Both MAS and the Communist Party of the Soviet Union, through holding institutional power, achieved far more for the working class than any kind of movement politics that operate outside the state have been able to. It is only through wielding state power from a position of governance that MAS and the CPSU were able to implement such wide reaching transformations. Obviously this degree of power remains strictly aspirational for DSA, but we must keep this aim front and center at all times. This goal should guide our entire political project and all of the work we do. Even limited power has advantages, allowing material benefits to be won for the working class, something we have already seen from victories in New York, DC, and Maryland. This is only possible by contesting for power, and not simply yielding institutions to our political opponents. Our aim isn’t to influence power from the sidelines, it is to take it. DSA should never be content to act as something as lowly as a pressure group, non-profit, or charity. DSA must strive towards being the organizational vehicle for the working class to take power for ourselves. Governing is certainly not the end-all, as the coup in Bolivia and the restoration of capitalism in the former Soviet Union make clear, but the achievements of socialist governments speak for themselves. We can only hope that we are as successful.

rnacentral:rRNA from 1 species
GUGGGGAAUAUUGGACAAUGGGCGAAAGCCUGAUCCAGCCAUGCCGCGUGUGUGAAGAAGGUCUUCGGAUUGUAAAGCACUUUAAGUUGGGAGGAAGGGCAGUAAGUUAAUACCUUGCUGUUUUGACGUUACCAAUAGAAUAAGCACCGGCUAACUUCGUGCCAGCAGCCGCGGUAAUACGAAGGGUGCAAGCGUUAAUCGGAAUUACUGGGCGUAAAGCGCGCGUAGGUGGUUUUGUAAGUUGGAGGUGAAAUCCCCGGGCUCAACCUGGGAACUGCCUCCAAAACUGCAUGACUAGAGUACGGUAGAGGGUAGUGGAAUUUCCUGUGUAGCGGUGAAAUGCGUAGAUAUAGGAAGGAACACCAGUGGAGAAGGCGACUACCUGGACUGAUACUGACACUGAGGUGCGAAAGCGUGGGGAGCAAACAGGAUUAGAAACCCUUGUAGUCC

None of this is to say that socialist governments have been perfect. Errors were made, some small and some egregious. Certainly, the carceral state established by Stalin was unforgivable. However, we should also recognize that there is a major difference between these kinds of crimes and lesser errors. Flattening any and all missteps into claims of “authoritarianism” is an analytic failure that keeps us from accomplishing anything. If we permanently fear a recreation of the worst excesses of twentieth-century socialism, we destroy our ability to act. While some on the “left” might join the ruling class in hand-wringing about the dangers of authoritarianism in both socialist governments abroad and in DSA, such claims only serve the interests of the CIA. No government, socialist or not, can avoid all mistakes or actions that upset anyone, and should we be so lucky as to take power DSA will make plenty. To think otherwise is unserious, and those seeking perfection have no place in politics.